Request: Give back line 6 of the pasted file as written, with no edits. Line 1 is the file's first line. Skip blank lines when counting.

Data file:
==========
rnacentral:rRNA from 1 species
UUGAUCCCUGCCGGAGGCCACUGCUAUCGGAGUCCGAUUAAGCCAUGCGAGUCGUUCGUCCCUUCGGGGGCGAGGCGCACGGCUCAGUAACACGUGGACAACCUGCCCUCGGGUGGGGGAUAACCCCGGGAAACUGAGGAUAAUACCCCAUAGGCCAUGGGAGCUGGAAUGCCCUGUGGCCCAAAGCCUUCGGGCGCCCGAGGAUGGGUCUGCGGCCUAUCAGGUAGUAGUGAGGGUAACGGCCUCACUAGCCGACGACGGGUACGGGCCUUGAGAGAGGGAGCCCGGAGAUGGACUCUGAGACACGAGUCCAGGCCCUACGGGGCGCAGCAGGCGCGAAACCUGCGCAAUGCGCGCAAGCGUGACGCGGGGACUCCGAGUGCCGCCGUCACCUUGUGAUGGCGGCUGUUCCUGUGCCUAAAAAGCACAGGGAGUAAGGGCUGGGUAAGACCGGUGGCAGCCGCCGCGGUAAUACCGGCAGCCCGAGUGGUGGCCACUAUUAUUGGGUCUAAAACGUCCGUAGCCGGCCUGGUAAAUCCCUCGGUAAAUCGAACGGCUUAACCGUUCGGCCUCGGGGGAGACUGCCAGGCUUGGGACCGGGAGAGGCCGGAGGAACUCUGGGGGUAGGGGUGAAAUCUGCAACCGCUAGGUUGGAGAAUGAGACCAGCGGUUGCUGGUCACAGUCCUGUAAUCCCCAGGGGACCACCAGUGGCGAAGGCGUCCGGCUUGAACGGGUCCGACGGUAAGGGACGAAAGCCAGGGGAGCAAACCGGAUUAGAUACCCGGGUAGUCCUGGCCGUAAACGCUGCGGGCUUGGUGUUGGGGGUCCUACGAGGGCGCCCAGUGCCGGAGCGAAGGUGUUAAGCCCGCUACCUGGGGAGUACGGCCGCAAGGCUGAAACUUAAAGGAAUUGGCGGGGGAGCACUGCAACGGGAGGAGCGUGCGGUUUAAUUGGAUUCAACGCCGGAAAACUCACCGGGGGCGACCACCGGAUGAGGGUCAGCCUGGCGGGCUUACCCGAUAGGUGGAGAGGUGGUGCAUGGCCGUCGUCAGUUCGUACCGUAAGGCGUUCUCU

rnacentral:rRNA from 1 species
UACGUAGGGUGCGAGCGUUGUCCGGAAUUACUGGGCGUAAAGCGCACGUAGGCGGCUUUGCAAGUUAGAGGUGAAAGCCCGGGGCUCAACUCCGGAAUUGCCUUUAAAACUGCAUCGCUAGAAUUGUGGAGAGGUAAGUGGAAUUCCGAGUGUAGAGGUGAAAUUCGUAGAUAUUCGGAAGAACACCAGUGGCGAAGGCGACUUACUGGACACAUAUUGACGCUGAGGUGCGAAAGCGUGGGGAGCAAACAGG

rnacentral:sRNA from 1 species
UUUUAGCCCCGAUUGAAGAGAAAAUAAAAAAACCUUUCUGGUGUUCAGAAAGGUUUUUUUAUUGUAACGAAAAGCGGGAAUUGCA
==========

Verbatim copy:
UUUUAGCCCCGAUUGAAGAGAAAAUAAAAAAACCUUUCUGGUGUUCAGAAAGGUUUUUUUAUUGUAACGAAAAGCGGGAAUUGCA